Two Worst Trades
Chicago trades Bobby Portis, Jabari Parker, and a second rounder to Washington for Otto Porter
There is no nice way to put this – Chicago is a bad basketball team right now. Up until the deadline, I was under the impression they were aware of this fact. However, at the deadline they took a talented, albeit mercurial player who was set to enter restricted free agency, a player with a 20 million dollar team option, and a draft pick and sent them out in exchange for Porter who, while a good players, still has north of 50 million dollars worth of salary on the books over the next two seasons. Will he help the Bulls? Probably. Will he help them enough to justify that they could have just let Parker walk, take that extra cap space, and use it toward free agents? Probably not. This really feels like a move for the sake of making a move instead of being patient. For Washington, they got out of Porter’s contract and got Portis in exchange which is good, but they have a lot to figure out over the course of the next several months, as they have now lost John Wall for the next year or so, and Bradley Beal isn’t going to be able to carry the team on his back.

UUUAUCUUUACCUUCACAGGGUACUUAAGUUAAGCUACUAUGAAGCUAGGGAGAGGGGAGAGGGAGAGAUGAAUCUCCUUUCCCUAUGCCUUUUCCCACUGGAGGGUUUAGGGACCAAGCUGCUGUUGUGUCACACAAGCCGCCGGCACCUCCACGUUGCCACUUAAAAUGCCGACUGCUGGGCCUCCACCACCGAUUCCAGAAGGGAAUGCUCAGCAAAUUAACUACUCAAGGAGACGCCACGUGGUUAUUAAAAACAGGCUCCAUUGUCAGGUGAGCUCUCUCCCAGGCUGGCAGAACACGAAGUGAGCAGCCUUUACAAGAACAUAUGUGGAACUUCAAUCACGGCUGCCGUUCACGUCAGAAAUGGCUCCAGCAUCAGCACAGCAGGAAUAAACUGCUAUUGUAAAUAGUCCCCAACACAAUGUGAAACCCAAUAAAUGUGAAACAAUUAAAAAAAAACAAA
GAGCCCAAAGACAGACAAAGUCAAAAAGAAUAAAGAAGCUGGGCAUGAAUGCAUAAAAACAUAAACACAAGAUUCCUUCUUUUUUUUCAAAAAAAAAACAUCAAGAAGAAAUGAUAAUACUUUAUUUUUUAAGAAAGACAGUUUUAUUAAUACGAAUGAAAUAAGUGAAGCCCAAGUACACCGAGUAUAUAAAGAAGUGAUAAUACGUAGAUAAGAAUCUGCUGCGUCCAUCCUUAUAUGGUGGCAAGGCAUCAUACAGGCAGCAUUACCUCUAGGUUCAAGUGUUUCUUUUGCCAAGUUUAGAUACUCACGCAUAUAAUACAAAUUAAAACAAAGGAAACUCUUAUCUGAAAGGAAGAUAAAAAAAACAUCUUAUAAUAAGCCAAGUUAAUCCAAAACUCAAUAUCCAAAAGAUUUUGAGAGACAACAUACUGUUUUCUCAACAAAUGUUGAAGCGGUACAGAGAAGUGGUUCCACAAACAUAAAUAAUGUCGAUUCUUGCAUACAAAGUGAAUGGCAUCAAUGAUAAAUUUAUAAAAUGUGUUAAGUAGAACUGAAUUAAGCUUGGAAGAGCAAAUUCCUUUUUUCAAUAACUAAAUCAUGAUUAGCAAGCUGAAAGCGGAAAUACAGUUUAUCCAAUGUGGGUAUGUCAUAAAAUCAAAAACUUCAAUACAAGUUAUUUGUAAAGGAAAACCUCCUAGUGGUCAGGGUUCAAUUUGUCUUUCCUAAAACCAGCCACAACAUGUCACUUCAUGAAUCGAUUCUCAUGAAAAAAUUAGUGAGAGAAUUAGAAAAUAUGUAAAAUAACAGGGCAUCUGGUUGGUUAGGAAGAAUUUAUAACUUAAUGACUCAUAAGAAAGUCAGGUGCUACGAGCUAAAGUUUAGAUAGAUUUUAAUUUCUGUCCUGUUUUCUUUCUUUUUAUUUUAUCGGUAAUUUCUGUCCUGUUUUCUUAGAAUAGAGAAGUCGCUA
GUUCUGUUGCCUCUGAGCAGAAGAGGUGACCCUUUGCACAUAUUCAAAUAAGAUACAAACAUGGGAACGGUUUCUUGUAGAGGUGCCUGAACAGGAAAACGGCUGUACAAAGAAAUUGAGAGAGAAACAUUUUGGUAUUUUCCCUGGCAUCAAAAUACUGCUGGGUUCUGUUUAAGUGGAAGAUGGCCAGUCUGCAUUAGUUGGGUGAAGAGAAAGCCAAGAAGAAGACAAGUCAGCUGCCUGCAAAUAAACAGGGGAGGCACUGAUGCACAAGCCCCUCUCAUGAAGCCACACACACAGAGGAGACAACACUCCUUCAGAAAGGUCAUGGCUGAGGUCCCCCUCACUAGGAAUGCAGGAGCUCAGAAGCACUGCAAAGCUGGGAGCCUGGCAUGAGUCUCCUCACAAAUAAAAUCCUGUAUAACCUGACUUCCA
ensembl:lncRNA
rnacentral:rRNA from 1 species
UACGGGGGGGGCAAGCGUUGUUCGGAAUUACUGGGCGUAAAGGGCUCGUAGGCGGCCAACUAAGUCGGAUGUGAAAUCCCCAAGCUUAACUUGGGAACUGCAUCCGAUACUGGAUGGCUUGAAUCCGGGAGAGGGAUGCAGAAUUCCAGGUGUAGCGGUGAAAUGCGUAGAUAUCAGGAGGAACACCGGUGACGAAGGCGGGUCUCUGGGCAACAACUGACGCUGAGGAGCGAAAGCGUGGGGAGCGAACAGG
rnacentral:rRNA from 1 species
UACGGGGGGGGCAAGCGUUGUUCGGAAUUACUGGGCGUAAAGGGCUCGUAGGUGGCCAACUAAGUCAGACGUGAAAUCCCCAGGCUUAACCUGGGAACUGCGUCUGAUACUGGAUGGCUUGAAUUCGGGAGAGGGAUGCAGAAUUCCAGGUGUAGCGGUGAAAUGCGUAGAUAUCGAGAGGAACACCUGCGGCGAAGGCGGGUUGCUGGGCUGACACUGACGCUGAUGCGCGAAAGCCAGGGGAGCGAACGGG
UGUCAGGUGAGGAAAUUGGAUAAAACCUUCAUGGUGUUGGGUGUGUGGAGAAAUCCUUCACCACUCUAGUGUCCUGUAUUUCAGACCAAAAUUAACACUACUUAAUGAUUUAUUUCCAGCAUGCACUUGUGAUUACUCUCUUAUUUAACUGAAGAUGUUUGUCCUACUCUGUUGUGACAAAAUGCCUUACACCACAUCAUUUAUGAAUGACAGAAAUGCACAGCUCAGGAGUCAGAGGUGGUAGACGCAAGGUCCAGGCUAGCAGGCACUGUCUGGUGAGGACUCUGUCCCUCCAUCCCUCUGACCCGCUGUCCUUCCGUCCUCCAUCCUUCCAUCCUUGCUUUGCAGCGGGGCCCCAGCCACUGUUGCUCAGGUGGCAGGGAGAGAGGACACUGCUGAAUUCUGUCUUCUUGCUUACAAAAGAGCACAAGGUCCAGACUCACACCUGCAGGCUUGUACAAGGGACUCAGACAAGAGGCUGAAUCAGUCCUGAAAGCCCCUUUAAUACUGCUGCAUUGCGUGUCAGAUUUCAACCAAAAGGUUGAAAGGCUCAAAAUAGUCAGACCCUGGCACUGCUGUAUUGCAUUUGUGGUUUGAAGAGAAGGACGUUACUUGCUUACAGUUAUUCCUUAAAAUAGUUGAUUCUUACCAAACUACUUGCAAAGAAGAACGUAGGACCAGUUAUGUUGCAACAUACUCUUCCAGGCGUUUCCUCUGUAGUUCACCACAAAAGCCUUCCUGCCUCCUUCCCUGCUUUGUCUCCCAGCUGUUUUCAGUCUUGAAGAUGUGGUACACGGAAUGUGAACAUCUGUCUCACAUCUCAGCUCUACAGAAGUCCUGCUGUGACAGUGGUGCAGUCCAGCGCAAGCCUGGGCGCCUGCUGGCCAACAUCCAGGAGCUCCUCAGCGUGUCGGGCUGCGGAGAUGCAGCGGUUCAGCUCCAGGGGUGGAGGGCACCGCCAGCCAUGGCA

Phoenix trades Ryan Anderson to Miami for Tyler Johnson and Wayne Ellington
Listen Phoenix, I know Ryan Anderson had an absolute mess of a contract and he won’t be missed for his on-court contributions. I also know that you need a point guard in the worst imaginable way. However, this deal doesn’t really fix anything. Tyler Johnson can play the point, but he’s really a shooting guard, and he isn’t exactly known for racking up assists or for running an offense in a way that will help you to develop Devin Booker and DeAndre Ayton. The worst part is that the Suns made this trade knowing they were going to end up waiving the best player in the deal: Wayne Ellington.
Two Trades That Scream Desperation
Toronto trades Delon Wright, Jonas Valanciunas, second rounder to Memphis for Marc Gasol